UN Syria envoy hopes for 'serious' negotiation between Damascus govt., opposition
Iran Press TV
Thu Aug 17, 2017 6:29PM
The United Nations Special Envoy to Syria Staffan de Mistura has hoped for a "serious negotiation" between the Damascus government and the opposition as the world body expects to convene a next round of talks on the crisis in the Arab country in October or November.
De Mistura said Thursday that the time remaining to another round of UN-backed negotiations on Syria would be a "major opportunity for the opposition to take stock of the realities on the ground."
The UN diplomat was clearly referring to intra-Syrian talks between the so-called High Negotiations Committee (HNC), which serves as an umbrella group for militants and opposition groups, and two more moderate opposition alliances. The three have been discussing ways to set aside differences and establish a united front in the next round of negotiations on Syria's future.
A major cause of failure in previous UN talks has been HNC's insistence on departure of Syria's President Bashar al-Assad from power. The two other opposition camps have pressured the HNC to forgo the condition since it could no longer work as a bargaining chip in talks due to Syria's continued victories against the militants.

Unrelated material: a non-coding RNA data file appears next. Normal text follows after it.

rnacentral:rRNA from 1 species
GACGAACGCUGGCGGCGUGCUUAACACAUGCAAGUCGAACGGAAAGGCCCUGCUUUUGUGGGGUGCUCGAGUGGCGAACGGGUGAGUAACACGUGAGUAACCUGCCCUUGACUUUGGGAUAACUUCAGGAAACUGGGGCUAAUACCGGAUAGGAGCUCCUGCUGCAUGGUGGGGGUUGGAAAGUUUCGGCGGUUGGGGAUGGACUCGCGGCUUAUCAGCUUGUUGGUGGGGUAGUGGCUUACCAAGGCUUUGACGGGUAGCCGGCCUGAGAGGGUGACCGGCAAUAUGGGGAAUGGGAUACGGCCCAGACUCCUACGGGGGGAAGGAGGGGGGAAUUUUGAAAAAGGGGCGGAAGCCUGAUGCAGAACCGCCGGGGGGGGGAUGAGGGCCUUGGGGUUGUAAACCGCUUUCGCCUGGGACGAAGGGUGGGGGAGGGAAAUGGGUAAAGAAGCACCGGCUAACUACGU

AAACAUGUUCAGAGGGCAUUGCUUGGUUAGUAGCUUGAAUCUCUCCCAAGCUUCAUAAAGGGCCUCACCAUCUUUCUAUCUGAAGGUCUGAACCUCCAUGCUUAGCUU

De Mistura told reporters in Geneva that the opposition should "take stock of their own need to be unified," adding that anti-government forces should finally reach an "inclusive and perhaps even a more pragmatic approach" to the situation in Syria.
De Mistura said there could be a key meeting between opposition forces in the coming weeks in which they would formally reorganize their delegation ahead of face-to-face talks with the Syrian government.
The UN official said he may stage "preparatory" talks in Geneva in September, but insisted that his office "will be focusing on the real agenda for the real substantive talks that we hope will be taking place in October."
The UN has organized seven rounds of almost unsuccessful talks between Syrian government and foreign-backed opposition since a devastating war began in the Arab country in 2011.
|Join the GlobalSecurity.org mailing list|